Kyla Duffy

Kyla Duffy was one of the first skateboarders sponsored by Rookie in New York City and also got hooked up by Vans. She grew up in Absecon, New Jersey in an athletic family, as her mom had been a professional figure skater.

Kyla was best known for skating vert and transition, and she also competed professionally in snowboarding. A photo of her in the March 1993 issue of Thrasher in full baggy 90s gear shows her locking-in a blunt-to-fakie. A few years later, photographer Miki Vuckovich captured a photo of her that would be used as a Rookie ad in Slap magazine (December 1997).

Kyla Duffy competed in the first ever All Girl Skate Jam in San Diego, which was organized by Patty Segovia in September 1997. In an interview with Jean Zimmerman, she said the experience was amazing. “Everybody was so happy, and everybody felt the same way: ‘This is great, we’re doin’ it for the girls.’” Kyla placed 4th in vert behind Cara-Beth Burnside, Jodi McDonald, and Jen O’Brien.

She competed with the best, and even went up against the guys. The Concrete Challenge at two locations in Colorado (Beckenridge and Salida) was hosted mid September 2000. Heavy hitters like Omar Hassan, Alan Petersen and Chet Childress took top 3. Kyla and her fellow female competitor, Erika Dubé of Montréal, Canada took the last two positions, but they were still part of the action.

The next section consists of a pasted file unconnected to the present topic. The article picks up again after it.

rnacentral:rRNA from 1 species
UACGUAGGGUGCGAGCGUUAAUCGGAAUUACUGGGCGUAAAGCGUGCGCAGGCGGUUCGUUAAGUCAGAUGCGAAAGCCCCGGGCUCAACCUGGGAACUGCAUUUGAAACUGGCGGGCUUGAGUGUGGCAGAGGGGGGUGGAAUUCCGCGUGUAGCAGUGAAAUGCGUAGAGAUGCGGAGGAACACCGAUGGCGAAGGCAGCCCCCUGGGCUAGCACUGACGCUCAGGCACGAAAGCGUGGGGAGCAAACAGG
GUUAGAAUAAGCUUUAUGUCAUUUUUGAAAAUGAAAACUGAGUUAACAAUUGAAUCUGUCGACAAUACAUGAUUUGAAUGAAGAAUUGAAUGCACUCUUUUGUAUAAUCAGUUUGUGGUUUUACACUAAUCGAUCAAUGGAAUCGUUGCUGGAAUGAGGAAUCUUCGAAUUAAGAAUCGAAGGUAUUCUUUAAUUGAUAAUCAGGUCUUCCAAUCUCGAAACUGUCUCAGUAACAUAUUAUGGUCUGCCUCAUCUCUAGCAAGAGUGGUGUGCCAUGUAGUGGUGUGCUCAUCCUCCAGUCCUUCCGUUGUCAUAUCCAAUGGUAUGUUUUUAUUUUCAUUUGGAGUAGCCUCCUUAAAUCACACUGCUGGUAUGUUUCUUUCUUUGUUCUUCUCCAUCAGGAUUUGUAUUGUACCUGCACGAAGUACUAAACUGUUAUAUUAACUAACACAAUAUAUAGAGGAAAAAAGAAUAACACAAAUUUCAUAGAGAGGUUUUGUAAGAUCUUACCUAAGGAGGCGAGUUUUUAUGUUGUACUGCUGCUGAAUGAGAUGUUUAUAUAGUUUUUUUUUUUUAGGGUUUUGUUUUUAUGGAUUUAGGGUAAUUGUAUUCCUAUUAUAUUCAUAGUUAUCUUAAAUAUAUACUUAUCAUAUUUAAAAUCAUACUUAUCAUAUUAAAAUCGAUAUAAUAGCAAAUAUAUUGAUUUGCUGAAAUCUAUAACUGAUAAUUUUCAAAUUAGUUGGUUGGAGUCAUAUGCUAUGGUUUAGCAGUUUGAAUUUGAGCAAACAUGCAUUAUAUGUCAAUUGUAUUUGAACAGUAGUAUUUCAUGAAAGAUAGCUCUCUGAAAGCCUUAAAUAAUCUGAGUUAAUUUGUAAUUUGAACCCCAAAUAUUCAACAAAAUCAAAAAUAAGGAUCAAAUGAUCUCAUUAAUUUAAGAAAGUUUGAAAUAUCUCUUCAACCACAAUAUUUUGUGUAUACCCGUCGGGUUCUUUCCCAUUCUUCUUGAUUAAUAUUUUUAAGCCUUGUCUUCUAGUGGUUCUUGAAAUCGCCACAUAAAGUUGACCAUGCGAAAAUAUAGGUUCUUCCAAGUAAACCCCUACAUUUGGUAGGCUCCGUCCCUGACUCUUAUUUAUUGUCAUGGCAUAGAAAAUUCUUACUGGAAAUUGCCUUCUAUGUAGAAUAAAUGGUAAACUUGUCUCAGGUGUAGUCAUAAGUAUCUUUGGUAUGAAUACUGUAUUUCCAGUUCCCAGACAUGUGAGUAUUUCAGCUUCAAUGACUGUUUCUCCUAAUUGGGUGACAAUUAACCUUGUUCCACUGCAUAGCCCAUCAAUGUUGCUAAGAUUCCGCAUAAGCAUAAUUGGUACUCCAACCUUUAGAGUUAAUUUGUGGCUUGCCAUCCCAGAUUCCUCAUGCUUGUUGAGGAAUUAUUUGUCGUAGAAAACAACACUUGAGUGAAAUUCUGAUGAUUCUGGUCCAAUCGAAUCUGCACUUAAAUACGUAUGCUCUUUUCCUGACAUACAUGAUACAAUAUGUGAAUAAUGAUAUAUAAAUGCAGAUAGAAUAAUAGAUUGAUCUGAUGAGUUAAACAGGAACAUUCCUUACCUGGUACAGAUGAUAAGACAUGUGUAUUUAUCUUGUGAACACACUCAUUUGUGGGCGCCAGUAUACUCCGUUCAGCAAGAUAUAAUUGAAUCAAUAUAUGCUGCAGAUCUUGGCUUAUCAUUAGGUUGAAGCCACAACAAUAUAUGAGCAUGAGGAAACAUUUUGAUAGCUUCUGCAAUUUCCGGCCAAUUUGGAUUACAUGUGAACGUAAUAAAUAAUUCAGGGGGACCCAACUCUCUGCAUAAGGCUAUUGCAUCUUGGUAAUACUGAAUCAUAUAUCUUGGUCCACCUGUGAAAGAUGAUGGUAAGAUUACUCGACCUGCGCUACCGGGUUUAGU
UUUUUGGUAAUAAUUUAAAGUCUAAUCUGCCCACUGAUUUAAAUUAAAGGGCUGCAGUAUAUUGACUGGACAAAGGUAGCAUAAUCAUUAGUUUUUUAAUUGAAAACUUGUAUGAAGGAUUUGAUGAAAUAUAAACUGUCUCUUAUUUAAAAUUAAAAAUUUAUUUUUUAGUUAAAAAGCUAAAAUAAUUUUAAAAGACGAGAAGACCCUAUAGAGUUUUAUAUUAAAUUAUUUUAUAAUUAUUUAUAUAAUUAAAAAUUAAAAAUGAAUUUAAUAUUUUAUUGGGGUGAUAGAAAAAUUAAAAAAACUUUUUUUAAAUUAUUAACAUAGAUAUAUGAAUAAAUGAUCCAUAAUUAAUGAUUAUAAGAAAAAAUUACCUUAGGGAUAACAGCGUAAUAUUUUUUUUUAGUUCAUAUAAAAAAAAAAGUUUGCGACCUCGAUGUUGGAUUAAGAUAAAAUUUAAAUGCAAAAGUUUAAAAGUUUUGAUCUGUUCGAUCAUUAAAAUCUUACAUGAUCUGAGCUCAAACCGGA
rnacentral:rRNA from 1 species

Kyla’s 2006 skateboard wedding was hosted at the Scott Carpenter Skateboard Park in Boulder, CO, as that’s where she met her partner Dylan Buli. Footage of the bridesmaids, groomsmen, and happy couple skateboard as part of the ceremony! It really is the most fantastic wedding.

Contest results:

  • 4th place in vert at the All Girl Skate Jam, San Diego. September 1997.
  • 4th place in mini-ramp at the All Girl Skate Jam, Mountain Creek Resort, Vernon NJ, June 2000.
  • 1st place at the Concrete Challenge in Colorado. September 2000.
  • 5th place at the Vans Triple Crown bowl contest. October 2000.


  • Zimmerman, Jean. Raising Our Athletic Daughters: how sports can build self-esteem and save girls’ lives. Doubleday, 1998.

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